To that end, we proceed to defendant's argument that the trial court erred in revoking his probation, and activating his suspended sentence. While it is generally the State's burden to show that a defendant willfully or without lawful excuse violated the terms and conditions of probation, this requirement may be waived in the event of a defendant's “in-court admission of the willful or without lawful excuse violation as contained in the written notice (or report) of violation.” State v. Williamson, 61 N.C. App. 531, 533, 301 S.E.2d 423, 425 (1983). It is well settled that “[a]ny violation of a valid condition of probation is sufficient to revoke [a] defendant's probation.” State v. Tozzi, 84 N.C. App. 517, 521, 353 S.E.2d 250, 253 (1987).
    In the instant case, defendant admitted in open court to having used and testing positive for the use of marijuana. Defendant also admitted to having missed several scheduled appointments with his probation officer. While defendant attempted to excuse his failure to miss some of the scheduled appointments, he failed to present any evidence that his drug use was not willful. Though unfortunate, the death of defendant's friend does not excuse defendant's continued use of drugs and positive drug tests. In addition, there was sufficient evidence that tended to show that defendant did willfully tamper with the drug testresults, that he willfully failed to report for scheduled appointments, and willfully failed to make payments on his court indebtedness and probation supervision fee. Although defendant either denied having violated the terms and conditions of probation and/or presented numerous excuses for his failure to comply with them, the trial court was not required to accept his evidence as true. Williamson, 61 N.C. App. at 535, 301 S.E.2d at 426. Hence, the trial court did not err in revoking defendant's probation and activating his suspended sentence.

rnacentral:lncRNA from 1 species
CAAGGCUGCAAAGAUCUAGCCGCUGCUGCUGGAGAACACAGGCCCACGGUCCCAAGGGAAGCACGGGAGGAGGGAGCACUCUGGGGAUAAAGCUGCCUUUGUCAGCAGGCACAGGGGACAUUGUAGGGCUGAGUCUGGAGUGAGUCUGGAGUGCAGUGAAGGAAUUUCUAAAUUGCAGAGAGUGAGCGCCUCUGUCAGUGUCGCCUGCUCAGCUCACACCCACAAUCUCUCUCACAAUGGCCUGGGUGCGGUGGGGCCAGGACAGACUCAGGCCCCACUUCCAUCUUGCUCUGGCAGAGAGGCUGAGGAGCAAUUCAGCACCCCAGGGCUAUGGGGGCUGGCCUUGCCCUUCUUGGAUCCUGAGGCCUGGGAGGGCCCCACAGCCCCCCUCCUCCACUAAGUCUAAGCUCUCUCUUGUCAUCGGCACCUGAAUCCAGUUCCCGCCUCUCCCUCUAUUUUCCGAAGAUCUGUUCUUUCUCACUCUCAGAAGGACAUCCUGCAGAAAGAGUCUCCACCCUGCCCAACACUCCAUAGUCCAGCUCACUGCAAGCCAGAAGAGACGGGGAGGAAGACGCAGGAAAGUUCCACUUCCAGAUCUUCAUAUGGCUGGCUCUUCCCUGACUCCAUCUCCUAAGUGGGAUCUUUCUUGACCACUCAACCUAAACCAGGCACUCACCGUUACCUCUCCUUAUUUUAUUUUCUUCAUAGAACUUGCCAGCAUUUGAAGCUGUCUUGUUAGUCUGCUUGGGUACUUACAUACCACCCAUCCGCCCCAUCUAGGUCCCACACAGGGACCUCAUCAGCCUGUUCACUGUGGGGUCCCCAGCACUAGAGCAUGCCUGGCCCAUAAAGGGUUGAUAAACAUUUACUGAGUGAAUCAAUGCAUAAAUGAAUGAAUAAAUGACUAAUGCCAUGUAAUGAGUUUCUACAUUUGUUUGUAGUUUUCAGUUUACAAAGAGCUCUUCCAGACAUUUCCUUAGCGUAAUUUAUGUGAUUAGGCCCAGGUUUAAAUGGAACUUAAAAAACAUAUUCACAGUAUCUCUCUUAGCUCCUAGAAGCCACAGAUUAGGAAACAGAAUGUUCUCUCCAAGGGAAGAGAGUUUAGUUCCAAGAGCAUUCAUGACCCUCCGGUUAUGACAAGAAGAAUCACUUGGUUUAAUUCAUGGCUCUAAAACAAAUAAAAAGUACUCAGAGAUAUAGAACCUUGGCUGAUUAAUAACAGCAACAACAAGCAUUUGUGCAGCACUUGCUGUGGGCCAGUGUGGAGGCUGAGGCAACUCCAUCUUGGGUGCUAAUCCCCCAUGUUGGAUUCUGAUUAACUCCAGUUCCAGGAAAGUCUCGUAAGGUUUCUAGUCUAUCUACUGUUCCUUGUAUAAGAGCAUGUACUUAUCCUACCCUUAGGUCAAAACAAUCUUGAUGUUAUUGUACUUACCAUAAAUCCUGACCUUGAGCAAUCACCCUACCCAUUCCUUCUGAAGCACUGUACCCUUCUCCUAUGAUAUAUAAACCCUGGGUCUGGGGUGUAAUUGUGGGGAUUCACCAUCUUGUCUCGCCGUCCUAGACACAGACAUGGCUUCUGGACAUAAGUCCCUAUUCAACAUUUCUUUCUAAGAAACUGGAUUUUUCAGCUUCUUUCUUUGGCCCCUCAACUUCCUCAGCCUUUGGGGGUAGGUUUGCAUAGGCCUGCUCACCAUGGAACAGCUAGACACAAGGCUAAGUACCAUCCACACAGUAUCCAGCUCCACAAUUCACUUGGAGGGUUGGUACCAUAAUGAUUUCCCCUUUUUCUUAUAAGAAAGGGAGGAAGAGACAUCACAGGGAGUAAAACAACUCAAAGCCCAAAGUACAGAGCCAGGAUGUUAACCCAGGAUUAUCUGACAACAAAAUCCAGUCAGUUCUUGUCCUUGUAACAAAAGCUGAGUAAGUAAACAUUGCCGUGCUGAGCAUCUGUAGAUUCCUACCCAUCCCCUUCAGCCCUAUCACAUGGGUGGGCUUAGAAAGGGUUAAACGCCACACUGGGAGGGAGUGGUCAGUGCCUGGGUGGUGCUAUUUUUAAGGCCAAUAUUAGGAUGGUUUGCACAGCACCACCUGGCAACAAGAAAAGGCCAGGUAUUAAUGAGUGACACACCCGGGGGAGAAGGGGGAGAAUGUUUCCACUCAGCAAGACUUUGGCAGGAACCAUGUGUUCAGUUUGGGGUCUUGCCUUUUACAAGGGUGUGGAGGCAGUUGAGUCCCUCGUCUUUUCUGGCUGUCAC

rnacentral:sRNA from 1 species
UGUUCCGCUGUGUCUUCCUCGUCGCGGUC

Having so concluded, the judgment of the trial court is affirmed.
    Affirmed.
    Judges TIMMONS-GOODSON and CALABRIA concur.
    Report per Rule 30(e).